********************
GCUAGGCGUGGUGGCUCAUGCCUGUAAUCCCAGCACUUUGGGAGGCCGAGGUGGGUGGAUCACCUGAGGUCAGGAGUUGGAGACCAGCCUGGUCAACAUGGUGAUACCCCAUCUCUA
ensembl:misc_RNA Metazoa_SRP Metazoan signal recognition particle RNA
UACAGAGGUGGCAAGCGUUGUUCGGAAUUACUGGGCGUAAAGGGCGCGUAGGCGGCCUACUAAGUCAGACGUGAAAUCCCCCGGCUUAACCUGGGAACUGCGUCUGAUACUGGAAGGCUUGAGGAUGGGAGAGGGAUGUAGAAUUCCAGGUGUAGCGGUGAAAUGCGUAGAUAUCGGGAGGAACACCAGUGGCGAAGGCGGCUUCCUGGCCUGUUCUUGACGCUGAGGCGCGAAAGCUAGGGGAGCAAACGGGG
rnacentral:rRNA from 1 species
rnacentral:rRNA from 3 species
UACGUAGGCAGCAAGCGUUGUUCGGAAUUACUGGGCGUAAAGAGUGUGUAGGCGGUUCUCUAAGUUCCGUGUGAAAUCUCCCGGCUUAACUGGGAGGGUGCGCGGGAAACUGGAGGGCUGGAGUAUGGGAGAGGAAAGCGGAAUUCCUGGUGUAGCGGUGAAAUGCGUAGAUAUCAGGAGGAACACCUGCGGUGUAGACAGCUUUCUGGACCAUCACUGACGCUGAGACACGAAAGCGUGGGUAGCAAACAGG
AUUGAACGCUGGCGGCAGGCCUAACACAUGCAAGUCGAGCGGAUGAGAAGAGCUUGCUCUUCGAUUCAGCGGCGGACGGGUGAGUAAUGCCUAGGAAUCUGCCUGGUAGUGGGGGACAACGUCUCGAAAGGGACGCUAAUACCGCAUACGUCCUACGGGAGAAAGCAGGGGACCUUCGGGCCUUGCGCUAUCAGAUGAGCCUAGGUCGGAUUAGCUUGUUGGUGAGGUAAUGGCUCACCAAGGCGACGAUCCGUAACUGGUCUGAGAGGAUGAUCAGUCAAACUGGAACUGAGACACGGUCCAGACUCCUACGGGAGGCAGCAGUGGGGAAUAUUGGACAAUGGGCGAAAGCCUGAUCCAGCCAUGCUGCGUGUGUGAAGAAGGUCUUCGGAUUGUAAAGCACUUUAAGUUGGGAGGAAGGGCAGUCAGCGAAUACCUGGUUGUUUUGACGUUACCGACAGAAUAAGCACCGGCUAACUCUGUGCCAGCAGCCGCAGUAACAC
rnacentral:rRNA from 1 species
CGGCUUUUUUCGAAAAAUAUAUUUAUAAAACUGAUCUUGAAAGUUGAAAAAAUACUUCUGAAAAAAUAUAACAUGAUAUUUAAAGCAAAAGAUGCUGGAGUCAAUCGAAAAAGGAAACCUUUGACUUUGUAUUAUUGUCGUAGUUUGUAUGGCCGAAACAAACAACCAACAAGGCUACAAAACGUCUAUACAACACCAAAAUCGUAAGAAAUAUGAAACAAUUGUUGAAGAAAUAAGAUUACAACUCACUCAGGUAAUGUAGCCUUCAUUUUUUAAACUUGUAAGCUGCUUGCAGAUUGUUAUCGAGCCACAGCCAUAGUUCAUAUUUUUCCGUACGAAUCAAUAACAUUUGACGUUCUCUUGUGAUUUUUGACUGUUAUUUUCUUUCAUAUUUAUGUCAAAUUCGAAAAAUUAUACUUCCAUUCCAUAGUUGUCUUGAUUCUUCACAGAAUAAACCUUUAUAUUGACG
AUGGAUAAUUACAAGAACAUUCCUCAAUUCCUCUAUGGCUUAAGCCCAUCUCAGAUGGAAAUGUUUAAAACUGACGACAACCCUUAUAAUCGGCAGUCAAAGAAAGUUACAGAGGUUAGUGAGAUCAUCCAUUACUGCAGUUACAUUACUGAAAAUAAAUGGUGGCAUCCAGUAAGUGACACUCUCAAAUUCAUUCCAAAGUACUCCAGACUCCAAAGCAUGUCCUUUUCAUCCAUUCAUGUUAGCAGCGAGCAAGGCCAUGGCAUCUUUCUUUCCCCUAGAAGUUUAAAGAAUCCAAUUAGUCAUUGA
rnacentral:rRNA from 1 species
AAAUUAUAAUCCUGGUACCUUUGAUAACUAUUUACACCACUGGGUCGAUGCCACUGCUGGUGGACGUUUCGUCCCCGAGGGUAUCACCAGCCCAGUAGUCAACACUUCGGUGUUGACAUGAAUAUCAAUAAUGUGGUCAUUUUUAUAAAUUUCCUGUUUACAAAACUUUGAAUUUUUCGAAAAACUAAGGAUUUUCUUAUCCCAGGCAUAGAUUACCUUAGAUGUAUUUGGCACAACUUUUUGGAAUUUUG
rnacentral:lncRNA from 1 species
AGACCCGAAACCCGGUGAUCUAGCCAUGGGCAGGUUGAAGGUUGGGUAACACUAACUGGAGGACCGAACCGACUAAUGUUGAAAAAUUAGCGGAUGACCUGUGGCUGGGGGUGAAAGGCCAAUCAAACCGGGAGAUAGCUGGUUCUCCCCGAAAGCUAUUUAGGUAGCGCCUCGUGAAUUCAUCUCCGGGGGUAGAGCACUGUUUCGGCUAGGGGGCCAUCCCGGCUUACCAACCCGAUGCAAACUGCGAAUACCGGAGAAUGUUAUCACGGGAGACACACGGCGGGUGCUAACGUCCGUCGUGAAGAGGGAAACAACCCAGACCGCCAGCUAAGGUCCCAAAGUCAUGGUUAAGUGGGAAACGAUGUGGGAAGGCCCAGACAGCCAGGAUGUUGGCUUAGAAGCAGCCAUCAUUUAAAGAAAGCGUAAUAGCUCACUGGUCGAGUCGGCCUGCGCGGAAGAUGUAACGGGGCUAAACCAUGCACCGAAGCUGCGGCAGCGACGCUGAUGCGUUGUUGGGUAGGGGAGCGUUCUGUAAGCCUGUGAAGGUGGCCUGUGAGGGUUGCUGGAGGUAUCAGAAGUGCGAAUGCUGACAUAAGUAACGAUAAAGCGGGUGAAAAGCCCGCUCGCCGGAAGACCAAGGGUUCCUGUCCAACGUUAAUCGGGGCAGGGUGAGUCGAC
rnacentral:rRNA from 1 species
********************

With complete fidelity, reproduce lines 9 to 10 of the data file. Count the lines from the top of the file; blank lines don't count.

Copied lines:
CGGCUUUUUUCGAAAAAUAUAUUUAUAAAACUGAUCUUGAAAGUUGAAAAAAUACUUCUGAAAAAAUAUAACAUGAUAUUUAAAGCAAAAGAUGCUGGAGUCAAUCGAAAAAGGAAACCUUUGACUUUGUAUUAUUGUCGUAGUUUGUAUGGCCGAAACAAACAACCAACAAGGCUACAAAACGUCUAUACAACACCAAAAUCGUAAGAAAUAUGAAACAAUUGUUGAAGAAAUAAGAUUACAACUCACUCAGGUAAUGUAGCCUUCAUUUUUUAAACUUGUAAGCUGCUUGCAGAUUGUUAUCGAGCCACAGCCAUAGUUCAUAUUUUUCCGUACGAAUCAAUAACAUUUGACGUUCUCUUGUGAUUUUUGACUGUUAUUUUCUUUCAUAUUUAUGUCAAAUUCGAAAAAUUAUACUUCCAUUCCAUAGUUGUCUUGAUUCUUCACAGAAUAAACCUUUAUAUUGACG
AUGGAUAAUUACAAGAACAUUCCUCAAUUCCUCUAUGGCUUAAGCCCAUCUCAGAUGGAAAUGUUUAAAACUGACGACAACCCUUAUAAUCGGCAGUCAAAGAAAGUUACAGAGGUUAGUGAGAUCAUCCAUUACUGCAGUUACAUUACUGAAAAUAAAUGGUGGCAUCCAGUAAGUGACACUCUCAAAUUCAUUCCAAAGUACUCCAGACUCCAAAGCAUGUCCUUUUCAUCCAUUCAUGUUAGCAGCGAGCAAGGCCAUGGCAUCUUUCUUUCCCCUAGAAGUUUAAAGAAUCCAAUUAGUCAUUGA